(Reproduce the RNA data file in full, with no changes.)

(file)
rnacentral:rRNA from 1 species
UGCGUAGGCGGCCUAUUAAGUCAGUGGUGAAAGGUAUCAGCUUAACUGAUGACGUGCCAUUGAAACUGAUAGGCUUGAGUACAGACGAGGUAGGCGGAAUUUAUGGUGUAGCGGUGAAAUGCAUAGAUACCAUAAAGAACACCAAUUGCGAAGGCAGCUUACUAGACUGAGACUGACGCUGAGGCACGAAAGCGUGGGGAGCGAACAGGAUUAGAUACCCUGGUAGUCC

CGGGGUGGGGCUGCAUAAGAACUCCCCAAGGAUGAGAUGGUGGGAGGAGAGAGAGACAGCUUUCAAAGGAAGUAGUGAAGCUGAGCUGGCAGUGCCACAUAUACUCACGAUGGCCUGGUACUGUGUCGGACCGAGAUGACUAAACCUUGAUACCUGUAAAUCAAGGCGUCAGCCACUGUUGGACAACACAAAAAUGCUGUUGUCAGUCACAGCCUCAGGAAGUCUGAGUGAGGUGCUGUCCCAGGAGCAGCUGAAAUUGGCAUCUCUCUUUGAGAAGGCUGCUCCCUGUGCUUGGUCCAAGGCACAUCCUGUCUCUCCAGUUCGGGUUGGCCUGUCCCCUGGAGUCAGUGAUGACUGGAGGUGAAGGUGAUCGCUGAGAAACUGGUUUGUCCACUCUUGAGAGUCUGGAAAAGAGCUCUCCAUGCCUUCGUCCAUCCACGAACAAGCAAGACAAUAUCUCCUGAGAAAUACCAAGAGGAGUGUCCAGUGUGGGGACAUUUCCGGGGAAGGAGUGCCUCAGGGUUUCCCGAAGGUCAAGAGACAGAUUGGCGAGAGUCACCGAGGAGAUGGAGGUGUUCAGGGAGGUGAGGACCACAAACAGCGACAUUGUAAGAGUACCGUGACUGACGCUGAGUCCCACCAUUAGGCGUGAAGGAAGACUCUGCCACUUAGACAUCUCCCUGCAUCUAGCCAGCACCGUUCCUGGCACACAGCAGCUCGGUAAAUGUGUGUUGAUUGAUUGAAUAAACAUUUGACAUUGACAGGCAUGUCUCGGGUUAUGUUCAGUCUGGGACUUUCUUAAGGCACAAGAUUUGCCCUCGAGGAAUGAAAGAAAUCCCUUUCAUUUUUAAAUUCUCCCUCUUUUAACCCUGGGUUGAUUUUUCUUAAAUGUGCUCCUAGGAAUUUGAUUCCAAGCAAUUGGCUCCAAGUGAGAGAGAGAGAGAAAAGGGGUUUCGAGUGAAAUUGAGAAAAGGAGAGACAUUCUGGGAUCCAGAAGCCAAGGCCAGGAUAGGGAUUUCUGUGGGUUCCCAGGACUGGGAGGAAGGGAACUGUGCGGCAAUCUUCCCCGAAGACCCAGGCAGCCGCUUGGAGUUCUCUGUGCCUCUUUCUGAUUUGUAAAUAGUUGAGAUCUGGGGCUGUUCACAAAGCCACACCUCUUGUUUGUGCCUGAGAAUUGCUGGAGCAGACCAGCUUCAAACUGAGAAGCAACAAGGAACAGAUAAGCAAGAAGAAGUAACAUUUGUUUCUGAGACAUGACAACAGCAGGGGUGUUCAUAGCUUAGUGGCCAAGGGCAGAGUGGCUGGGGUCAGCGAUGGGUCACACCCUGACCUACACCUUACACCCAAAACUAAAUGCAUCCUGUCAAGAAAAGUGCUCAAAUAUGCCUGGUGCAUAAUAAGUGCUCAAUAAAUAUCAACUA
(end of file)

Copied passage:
rnacentral:rRNA from 1 species
UGCGUAGGCGGCCUAUUAAGUCAGUGGUGAAAGGUAUCAGCUUAACUGAUGACGUGCCAUUGAAACUGAUAGGCUUGAGUACAGACGAGGUAGGCGGAAUUUAUGGUGUAGCGGUGAAAUGCAUAGAUACCAUAAAGAACACCAAUUGCGAAGGCAGCUUACUAGACUGAGACUGACGCUGAGGCACGAAAGCGUGGGGAGCGAACAGGAUUAGAUACCCUGGUAGUCC

CGGGGUGGGGCUGCAUAAGAACUCCCCAAGGAUGAGAUGGUGGGAGGAGAGAGAGACAGCUUUCAAAGGAAGUAGUGAAGCUGAGCUGGCAGUGCCACAUAUACUCACGAUGGCCUGGUACUGUGUCGGACCGAGAUGACUAAACCUUGAUACCUGUAAAUCAAGGCGUCAGCCACUGUUGGACAACACAAAAAUGCUGUUGUCAGUCACAGCCUCAGGAAGUCUGAGUGAGGUGCUGUCCCAGGAGCAGCUGAAAUUGGCAUCUCUCUUUGAGAAGGCUGCUCCCUGUGCUUGGUCCAAGGCACAUCCUGUCUCUCCAGUUCGGGUUGGCCUGUCCCCUGGAGUCAGUGAUGACUGGAGGUGAAGGUGAUCGCUGAGAAACUGGUUUGUCCACUCUUGAGAGUCUGGAAAAGAGCUCUCCAUGCCUUCGUCCAUCCACGAACAAGCAAGACAAUAUCUCCUGAGAAAUACCAAGAGGAGUGUCCAGUGUGGGGACAUUUCCGGGGAAGGAGUGCCUCAGGGUUUCCCGAAGGUCAAGAGACAGAUUGGCGAGAGUCACCGAGGAGAUGGAGGUGUUCAGGGAGGUGAGGACCACAAACAGCGACAUUGUAAGAGUACCGUGACUGACGCUGAGUCCCACCAUUAGGCGUGAAGGAAGACUCUGCCACUUAGACAUCUCCCUGCAUCUAGCCAGCACCGUUCCUGGCACACAGCAGCUCGGUAAAUGUGUGUUGAUUGAUUGAAUAAACAUUUGACAUUGACAGGCAUGUCUCGGGUUAUGUUCAGUCUGGGACUUUCUUAAGGCACAAGAUUUGCCCUCGAGGAAUGAAAGAAAUCCCUUUCAUUUUUAAAUUCUCCCUCUUUUAACCCUGGGUUGAUUUUUCUUAAAUGUGCUCCUAGGAAUUUGAUUCCAAGCAAUUGGCUCCAAGUGAGAGAGAGAGAGAAAAGGGGUUUCGAGUGAAAUUGAGAAAAGGAGAGACAUUCUGGGAUCCAGAAGCCAAGGCCAGGAUAGGGAUUUCUGUGGGUUCCCAGGACUGGGAGGAAGGGAACUGUGCGGCAAUCUUCCCCGAAGACCCAGGCAGCCGCUUGGAGUUCUCUGUGCCUCUUUCUGAUUUGUAAAUAGUUGAGAUCUGGGGCUGUUCACAAAGCCACACCUCUUGUUUGUGCCUGAGAAUUGCUGGAGCAGACCAGCUUCAAACUGAGAAGCAACAAGGAACAGAUAAGCAAGAAGAAGUAACAUUUGUUUCUGAGACAUGACAACAGCAGGGGUGUUCAUAGCUUAGUGGCCAAGGGCAGAGUGGCUGGGGUCAGCGAUGGGUCACACCCUGACCUACACCUUACACCCAAAACUAAAUGCAUCCUGUCAAGAAAAGUGCUCAAAUAUGCCUGGUGCAUAAUAAGUGCUCAAUAAAUAUCAACUA